Also, onboard sound on computers of that age just sucks, luckily enough pci sound cards last i checked were pretty cheap.

beachboy2 01-08-2016 06:17 AM

ardvark71,

Quote:

You can click on the "snowflake" next to the penguin on the bottom left. It will accomplish the same thing.
Yes, thank you, I did click on the snowflake and I left a comment.

Soadyheid 01-08-2016 08:12 AM

@beachboy2

Quote:

It is only a minor point but does anybody have an explanation why this has happened?
Post #1 is usually a question so it's the answer(s) which will have the "Did you find this post helpful"
Post #2 appears to have the message on my display. Weird! :scratch:

BTW, the "snowflake" looks like it's actually a pair of scales, like the scales of justice, good answer/bad answer.

Sorry, got a bit diverted from the main topic...

Play Bonny!

:hattip:

BW-userx 01-08-2016 08:37 AM

Quote:

Originally Posted by fogpipe (Post 5474927)
Slackware and Mate run just fine on my 2005 vintage Pentium D system. Of the "fast light good on older computers" distros that i have tried, i didnt really see that much difference in speed, so you might as well install slackware and get all the options.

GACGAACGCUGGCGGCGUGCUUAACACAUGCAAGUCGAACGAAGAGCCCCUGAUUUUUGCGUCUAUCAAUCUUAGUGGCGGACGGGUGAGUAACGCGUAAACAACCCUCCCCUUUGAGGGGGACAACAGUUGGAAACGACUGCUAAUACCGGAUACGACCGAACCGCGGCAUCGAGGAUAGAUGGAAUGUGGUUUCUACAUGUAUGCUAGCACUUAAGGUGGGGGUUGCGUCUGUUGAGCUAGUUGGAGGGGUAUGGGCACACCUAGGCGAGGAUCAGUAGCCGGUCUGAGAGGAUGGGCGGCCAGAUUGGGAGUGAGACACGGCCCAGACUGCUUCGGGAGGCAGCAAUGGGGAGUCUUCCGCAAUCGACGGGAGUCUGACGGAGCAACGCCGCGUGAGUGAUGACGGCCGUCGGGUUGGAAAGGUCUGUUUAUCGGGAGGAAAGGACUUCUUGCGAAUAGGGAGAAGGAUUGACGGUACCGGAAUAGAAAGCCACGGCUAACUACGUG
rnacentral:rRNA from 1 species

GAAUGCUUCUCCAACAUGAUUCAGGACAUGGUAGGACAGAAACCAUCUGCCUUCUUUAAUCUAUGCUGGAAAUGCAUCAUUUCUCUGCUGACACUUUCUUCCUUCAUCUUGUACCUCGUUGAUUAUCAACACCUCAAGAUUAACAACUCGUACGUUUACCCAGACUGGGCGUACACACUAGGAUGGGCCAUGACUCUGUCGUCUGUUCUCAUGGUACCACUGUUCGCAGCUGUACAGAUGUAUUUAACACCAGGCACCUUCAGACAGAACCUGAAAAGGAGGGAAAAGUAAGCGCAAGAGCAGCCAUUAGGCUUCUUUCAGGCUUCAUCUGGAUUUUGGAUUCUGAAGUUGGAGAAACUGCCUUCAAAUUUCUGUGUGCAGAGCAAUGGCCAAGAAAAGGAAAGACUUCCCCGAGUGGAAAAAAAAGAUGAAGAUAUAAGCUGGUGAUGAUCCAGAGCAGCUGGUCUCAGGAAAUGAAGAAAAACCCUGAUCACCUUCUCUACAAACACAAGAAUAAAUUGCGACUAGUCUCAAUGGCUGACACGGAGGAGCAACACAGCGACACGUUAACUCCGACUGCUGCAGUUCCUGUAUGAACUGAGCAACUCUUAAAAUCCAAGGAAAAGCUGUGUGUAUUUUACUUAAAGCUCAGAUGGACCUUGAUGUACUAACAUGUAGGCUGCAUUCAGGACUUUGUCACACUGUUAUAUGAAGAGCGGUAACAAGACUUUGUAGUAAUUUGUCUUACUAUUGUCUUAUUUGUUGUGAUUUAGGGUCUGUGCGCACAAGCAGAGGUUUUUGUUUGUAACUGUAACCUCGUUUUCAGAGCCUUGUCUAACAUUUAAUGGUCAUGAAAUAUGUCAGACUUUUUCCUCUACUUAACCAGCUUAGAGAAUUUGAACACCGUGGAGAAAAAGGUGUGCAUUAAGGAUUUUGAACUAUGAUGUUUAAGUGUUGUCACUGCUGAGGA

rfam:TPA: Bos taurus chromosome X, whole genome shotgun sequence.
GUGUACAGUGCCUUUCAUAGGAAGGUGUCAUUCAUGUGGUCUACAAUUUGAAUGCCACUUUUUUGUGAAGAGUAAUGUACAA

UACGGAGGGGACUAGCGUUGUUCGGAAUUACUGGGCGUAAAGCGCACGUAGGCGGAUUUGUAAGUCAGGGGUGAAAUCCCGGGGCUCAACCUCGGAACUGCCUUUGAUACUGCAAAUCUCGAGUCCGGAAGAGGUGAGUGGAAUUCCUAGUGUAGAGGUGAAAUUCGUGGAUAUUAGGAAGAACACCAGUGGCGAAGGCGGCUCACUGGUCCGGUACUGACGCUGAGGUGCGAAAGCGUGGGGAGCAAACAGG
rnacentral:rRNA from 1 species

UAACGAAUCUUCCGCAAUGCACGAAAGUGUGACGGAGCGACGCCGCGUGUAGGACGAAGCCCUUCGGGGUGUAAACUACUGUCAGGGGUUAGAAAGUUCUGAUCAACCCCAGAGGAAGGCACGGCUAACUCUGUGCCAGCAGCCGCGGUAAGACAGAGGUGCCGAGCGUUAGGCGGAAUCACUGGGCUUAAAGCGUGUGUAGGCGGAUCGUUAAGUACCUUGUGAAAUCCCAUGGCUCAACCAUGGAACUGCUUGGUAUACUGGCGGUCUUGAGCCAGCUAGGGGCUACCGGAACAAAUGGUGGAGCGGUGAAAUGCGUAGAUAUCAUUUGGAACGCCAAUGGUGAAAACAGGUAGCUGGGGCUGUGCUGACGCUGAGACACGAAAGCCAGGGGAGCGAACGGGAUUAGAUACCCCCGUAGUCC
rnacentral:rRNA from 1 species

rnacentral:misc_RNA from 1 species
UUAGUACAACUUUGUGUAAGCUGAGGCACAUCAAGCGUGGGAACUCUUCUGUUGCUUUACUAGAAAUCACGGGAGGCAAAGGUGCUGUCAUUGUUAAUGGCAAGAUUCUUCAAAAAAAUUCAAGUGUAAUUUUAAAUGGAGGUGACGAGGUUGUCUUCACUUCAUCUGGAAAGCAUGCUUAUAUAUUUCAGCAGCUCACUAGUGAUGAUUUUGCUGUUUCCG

Agree SlackWare Rocks. I just stopped using only because I enjoy one liner updates, and installs of apps from repo's ;)

beachboy2 01-08-2016 08:38 AM

Soadyheid,

I did not realise that I had included the original post as well!

I have amended my post #5 accordingly.

NGIB 01-08-2016 09:09 AM

I'm not sure Slackware is a viable option for folks that can't even install a Buntu spin without help. After installing a distro and getting some experience, a user can move on to whatever - as we all did. I just wanted to point noobs to something that will probably get them up and running with minimum pain...

John VV 01-08-2016 10:47 AM

on the 15 year old XP box( DELL bought in 2001 ) i run ScientificLinux6.7 .But do to the Nvidia Gforce2 card i have to downgrade Xorg to 1.13 that was in SL 6.3

or run RHEL/CentOS/SL 5.11

SL 6 still has a lot of support left

BW-userx 01-08-2016 11:15 AM

Quote:

Originally Posted by NGIB (Post 5475010)
I'm not sure Slackware is a viable option for folks that can't even install a Buntu spin without help. After installing a distro and getting some experience, a user can move on to whatever - as we all did. I just wanted to point noobs to something that will probably get them up and running with minimum pain...